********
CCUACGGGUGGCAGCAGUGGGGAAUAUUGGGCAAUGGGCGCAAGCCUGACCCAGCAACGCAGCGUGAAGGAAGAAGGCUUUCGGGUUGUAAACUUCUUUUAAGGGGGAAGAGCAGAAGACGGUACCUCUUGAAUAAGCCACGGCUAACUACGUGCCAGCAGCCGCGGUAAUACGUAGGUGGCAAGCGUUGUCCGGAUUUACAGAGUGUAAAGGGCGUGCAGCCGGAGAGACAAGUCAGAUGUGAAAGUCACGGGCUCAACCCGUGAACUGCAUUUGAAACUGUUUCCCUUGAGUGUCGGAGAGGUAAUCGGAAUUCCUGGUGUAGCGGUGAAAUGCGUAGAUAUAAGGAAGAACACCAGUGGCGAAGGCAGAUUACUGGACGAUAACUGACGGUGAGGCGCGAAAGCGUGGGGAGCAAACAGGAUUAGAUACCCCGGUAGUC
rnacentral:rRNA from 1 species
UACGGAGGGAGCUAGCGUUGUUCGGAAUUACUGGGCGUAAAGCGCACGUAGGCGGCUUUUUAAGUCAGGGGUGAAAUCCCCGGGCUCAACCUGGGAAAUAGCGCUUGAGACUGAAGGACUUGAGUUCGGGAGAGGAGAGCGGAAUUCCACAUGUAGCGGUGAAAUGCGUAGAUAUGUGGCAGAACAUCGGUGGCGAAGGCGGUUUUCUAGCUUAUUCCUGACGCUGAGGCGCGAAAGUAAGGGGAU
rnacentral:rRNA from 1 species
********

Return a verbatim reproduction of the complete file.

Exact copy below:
CCUACGGGUGGCAGCAGUGGGGAAUAUUGGGCAAUGGGCGCAAGCCUGACCCAGCAACGCAGCGUGAAGGAAGAAGGCUUUCGGGUUGUAAACUUCUUUUAAGGGGGAAGAGCAGAAGACGGUACCUCUUGAAUAAGCCACGGCUAACUACGUGCCAGCAGCCGCGGUAAUACGUAGGUGGCAAGCGUUGUCCGGAUUUACAGAGUGUAAAGGGCGUGCAGCCGGAGAGACAAGUCAGAUGUGAAAGUCACGGGCUCAACCCGUGAACUGCAUUUGAAACUGUUUCCCUUGAGUGUCGGAGAGGUAAUCGGAAUUCCUGGUGUAGCGGUGAAAUGCGUAGAUAUAAGGAAGAACACCAGUGGCGAAGGCAGAUUACUGGACGAUAACUGACGGUGAGGCGCGAAAGCGUGGGGAGCAAACAGGAUUAGAUACCCCGGUAGUC
rnacentral:rRNA from 1 species
UACGGAGGGAGCUAGCGUUGUUCGGAAUUACUGGGCGUAAAGCGCACGUAGGCGGCUUUUUAAGUCAGGGGUGAAAUCCCCGGGCUCAACCUGGGAAAUAGCGCUUGAGACUGAAGGACUUGAGUUCGGGAGAGGAGAGCGGAAUUCCACAUGUAGCGGUGAAAUGCGUAGAUAUGUGGCAGAACAUCGGUGGCGAAGGCGGUUUUCUAGCUUAUUCCUGACGCUGAGGCGCGAAAGUAAGGGGAU
rnacentral:rRNA from 1 species